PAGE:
NEW KIDS ON THE BLOCK

FOR THESE TEENS, LIFE ON THE STREET IS NOTHING TO WRITE HOME ABOUT.

The pale blond teenager listened intently to the younger but more experienced girl. They stood together on a downtown Denver street watching people file by, looking for the proper one.

"Don't ask older people, because they'll stop and give you a lecture," eighteen-year-old Skyler was told. "Don't ask the high-powered yuppie types, because they won't even look at you. You want someone in the middle. That's who will give you money."

Those words from sixteen-year-old Forest were Skyler's first lesson in how to "spange"--beg for spare change. In the six months since she left home--"It was a lot of mental shit" from her mother's boyfriend, she says--Skyler's become quite good at it.

Spanging is her group's main source of income. Not that they need much money. Until recently, about thirty of them were living in an abandoned flour mill in the Platte Valley, a seven-story wreck that Denver's homeless teens had claimed as their own for over a year. Now that building, like many others in lower downtown, is slated for development.

"It's kind of like being kicked out of your home, because that's what we thought of it as," says Skyler. "If you go there, you can see the word `home' carved into places and written on the walls."

The building, known as the Silos to its occupants, was built 74 years ago to house the Pride of the Rockies flour mill. Downtown developer Dana Crawford, one of several people interested in the property, would like to divide the structure into sixteen residential lofts; in the meantime, the city has closed off all access because the building is a fire hazard.

"It was real neat the way they had it set up," says Bill Meacham, who has been homeless more than ten years and watched the kids move into the area. "I don't know why they had to kick them out. They weren't hurting anyone."

Not then, they weren't. But the Silos' closing sent the group moving down through the Platte Valley, fighting with other homeless for whatever space is available. The boom in LoDo housing, coupled with shelters that are reaching capacity, have made secure doorways and bridge overhangs scarce commodities.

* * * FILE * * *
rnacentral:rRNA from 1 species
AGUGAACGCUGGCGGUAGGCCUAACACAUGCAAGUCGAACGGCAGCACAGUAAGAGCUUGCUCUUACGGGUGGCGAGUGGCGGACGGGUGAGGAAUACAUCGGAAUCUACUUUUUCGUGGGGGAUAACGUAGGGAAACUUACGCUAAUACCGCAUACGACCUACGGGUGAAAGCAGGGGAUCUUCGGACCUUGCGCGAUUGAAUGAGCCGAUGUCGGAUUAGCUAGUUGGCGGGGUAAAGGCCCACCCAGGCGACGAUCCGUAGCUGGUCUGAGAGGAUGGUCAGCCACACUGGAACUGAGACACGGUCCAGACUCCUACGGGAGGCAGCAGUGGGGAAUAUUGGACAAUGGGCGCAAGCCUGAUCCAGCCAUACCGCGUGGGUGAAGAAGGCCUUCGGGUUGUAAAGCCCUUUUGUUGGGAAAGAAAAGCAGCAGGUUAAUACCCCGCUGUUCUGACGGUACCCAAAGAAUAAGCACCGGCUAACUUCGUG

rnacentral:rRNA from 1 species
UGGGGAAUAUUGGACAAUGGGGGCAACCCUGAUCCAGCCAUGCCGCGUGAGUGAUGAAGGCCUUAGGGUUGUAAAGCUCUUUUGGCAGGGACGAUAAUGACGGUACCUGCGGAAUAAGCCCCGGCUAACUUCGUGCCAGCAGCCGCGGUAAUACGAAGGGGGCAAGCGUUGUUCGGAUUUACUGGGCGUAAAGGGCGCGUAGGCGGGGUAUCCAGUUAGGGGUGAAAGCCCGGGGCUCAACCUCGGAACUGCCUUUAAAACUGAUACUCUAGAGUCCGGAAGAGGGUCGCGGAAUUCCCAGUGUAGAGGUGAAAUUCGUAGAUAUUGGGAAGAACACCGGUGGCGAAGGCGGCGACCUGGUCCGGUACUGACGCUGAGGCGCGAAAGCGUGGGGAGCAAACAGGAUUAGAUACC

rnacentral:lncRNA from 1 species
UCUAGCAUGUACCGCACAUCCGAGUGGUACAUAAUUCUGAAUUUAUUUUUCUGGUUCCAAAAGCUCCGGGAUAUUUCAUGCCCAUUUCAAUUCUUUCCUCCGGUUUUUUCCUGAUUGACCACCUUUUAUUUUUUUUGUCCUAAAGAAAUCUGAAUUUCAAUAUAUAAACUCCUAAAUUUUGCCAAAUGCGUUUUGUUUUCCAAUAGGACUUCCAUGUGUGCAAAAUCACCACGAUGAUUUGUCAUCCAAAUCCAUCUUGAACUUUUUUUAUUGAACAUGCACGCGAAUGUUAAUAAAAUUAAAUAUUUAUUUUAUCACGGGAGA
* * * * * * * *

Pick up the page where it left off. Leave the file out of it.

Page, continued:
The homeless teens now have a new "squat" near Confluence Park that sleeps about thirteen people. There's room for only the inner circle to spend the night; others in the group may hang out during the day, but they don't have sleeping privileges. "We knew about the place before they did," says eighteen-year-old Duzo. "But they claimed it." He and his friend Paco, nineteen, usually sleep under bridges in Confluence Park.

The location of the squat is carefully guarded, and outsiders who get too close may find themselves dodging rocks. "We ran out the druggies and the drunks," says fifteen-year-old Psycho, who has been homeless on and off since the age of eight. "We don't want anyone messing with our stuff."

And they're willing to do battle to protect their territory. One local businessman says he saw several of the kids stoning an elderly man who had lived in the area they now claim as their own.

A woman who has walked her dog along Cherry Creek for years says the harmless homeless people she'd grown accustomed to seeing have been replaced by young, pimply, angry ones. "I saw one crawl out of this box and take a dump," she remembers. "I turned my head to give him a little privacy, and then he put his backpack on like he was going off to work."

Even other homeless people remark on the change. "You got a rougher element of kids," says Meacham. "They tear up stuff for no reason. They'll run through the 16th Street Mall at night ripping flowers out of their pots. There's no reason for that.

"I grew up in the Sixties, and my parents thought my music was weird, but these kids are really strange," he adds. "One girl paints her face white and puts on black lipstick."

While the kids ran off some homeless people, others, like Angel, were welcomed. The woman had lived with her boyfriend and three-year-old daughter under a bridge for two months before the new kids arrived.

Her daughter was recently sent to live with an out-of-state relative, and Angel has moved into the squat. "I don't think I'd make it out here without these kids," she says.

When Angel's boyfriend ended up in jail, the kids looked after her. When ten-year-old Half-Pint showed up, Psycho made sure he didn't fall prey to pedophiles and even helped him contact his aunt. And the four pregnant women in the group get preferential treatment. "The pregnant women always eat first," Angel says.

She, Psycho and sixteen-year-old Dizzy have just woken up at the squat. They're going out for coffee. Angel, the only one with any money, is buying.

"If one of us has something, the others share," Angel says. "We're like one big happy family."

It's a family with high turnover. Mike, fifteen, has been around for about two years. "None of the people I knew when I first came out are around anymore," he says.

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